The Otway Basin where ConocoPhillips is proposing to drill has marine biodiversity that is off the charts. Twenty-seven species of whales and dolphins inhabit and migrate through these waters, including the pygmy blue whale and southern right whale. Pygmy blue whales are a smaller variety of their record-setting relatives. They feed on krill in the Otway Basin from November to June. Southern right whales migrate to inshore waters to breed and give birth between May and September each year. Both species are classified as Endangered by the International Union for the Conservation of Nature, a group of experts who assess the status of wildlife populations. ConocoPhillips proposed drilling operational areas are over key habitat for both these endangered whales.
Counterintuitively, the proposed drilling project overlaps with the Zeehan Marine Park. The park is one of thirteen marine parks that make up the South-East Marine Parks Network, which was established in 2007 in recognition of the region’s outstanding marine biodiversity. Zeehan Marine Park is a nursery ground blue warehou and ocean perch. Tasmanian giant crabs dwell in rocky limestone continental shelf habitats. Zeehan contains deep submarine canyons, which provide habitat for crabs, coral, sea urchins, sponges, and other species with special adaptations to living in this unique deep ocean ecosystem.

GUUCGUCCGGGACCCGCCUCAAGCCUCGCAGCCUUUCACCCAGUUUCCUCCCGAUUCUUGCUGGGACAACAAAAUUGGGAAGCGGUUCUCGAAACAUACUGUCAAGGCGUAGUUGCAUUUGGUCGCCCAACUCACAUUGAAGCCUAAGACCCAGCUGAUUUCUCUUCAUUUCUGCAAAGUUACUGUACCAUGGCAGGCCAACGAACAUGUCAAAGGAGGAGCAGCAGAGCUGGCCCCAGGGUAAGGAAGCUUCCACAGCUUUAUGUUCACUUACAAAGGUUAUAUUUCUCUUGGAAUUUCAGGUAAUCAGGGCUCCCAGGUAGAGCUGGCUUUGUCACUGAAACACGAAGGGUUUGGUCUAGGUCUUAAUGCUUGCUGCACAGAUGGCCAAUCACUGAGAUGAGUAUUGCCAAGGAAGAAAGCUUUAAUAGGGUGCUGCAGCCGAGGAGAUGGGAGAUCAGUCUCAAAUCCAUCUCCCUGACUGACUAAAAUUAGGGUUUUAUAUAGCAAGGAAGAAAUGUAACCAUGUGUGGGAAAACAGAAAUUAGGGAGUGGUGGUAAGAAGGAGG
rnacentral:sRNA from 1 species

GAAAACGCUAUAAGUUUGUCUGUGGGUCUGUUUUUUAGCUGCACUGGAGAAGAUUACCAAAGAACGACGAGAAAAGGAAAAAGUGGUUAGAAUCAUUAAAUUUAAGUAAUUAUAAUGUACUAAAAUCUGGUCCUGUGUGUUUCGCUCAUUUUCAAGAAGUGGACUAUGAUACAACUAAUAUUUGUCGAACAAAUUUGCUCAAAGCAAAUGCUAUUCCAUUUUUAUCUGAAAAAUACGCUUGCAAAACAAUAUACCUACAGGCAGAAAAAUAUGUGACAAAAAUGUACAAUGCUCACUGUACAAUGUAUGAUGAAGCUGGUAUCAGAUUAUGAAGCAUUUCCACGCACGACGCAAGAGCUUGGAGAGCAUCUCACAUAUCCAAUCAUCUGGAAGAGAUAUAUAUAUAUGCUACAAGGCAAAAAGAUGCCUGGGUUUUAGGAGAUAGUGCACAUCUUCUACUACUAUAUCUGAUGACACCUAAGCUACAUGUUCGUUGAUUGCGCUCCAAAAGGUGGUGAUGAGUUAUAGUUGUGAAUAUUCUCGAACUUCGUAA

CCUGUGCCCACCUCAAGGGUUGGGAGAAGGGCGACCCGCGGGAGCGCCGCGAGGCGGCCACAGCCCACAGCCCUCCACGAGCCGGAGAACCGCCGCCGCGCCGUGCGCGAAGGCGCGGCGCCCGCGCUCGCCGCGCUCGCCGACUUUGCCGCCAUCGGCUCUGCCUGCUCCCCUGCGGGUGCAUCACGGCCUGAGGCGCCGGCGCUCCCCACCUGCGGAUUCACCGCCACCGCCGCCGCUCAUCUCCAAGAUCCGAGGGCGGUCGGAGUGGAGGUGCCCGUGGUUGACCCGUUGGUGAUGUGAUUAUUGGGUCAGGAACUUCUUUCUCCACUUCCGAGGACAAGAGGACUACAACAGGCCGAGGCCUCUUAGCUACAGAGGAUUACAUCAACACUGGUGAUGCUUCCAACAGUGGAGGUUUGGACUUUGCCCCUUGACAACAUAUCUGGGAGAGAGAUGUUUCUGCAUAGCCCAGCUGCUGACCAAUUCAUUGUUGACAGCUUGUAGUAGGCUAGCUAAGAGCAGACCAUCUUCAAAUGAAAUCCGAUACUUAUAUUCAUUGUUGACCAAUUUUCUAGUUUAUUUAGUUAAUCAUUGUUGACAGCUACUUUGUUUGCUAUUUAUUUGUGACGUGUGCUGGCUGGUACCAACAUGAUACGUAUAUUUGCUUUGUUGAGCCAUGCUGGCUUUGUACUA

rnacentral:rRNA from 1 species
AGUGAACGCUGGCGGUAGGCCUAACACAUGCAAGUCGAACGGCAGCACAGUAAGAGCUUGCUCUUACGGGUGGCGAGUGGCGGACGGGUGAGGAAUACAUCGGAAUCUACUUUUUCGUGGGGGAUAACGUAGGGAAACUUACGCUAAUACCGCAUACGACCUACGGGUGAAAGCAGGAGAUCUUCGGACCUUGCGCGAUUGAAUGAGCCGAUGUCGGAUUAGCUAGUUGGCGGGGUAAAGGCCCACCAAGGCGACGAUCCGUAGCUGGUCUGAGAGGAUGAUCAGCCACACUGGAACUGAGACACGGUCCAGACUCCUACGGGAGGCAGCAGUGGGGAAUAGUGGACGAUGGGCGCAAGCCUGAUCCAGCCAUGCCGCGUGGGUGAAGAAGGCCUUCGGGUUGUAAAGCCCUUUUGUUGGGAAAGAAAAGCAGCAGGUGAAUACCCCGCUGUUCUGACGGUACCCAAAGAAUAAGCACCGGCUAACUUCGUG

Leaks and spills from ConocoPhillips’ drill sites could be catastrophic for marine life. Gas comes out of the Earth’s crust mixed with oil and other hydrocarbons, as a substance called condensate. It has a greasy, iridescent sheen and floats on top of the water. Condensate is harmful to marine life, burning the eyes and lungs of whales and seals, sticking to beaches and coasts, and introducing toxic chemicals into the broader food web. In the event of a condensate leak, ConocoPhillips’ own Environment Plan shows that condensate pollution would spread well beyond the project’s footprint. Spills could affect beaches and marine life from South Australia to the Tasmania Wilderness World Heritage Area and up to Jervis Bay in New South Wales. The plan for dealing with a spill is equally grim: a suitable rig would need to be summoned from Asia, taking up to 100 days to reach the drill site. In the meantime, condensate would continue to leak into our oceans, fouling marine life, habitats, and beaches for up to three months.
ConocoPhillips insists that such leaks are unlikely, that the risks are small – but a leak from a different gas drilling project in Western Australia was linked to dolphin deaths just last year. The information was only made public when a whistleblower spoke up. Their photos from the day are grim: a dolphin floats upside down, white belly bright against the blue ocean. In the background, an oil tanker floats on the horizon. If we are to protect our marine life from a similar disaster in the southeast, this gas drilling project cannot go forward.
We only have until 18 December to voice our strong, collective opposition to this project. Take action to stop ConocoPhillips’ test drilling proposal: send a clear message to the government regulator NOPSEMA today.
Dr Kim Riskas is an oil and gas campaigner with the Australian Marine Conservation Society.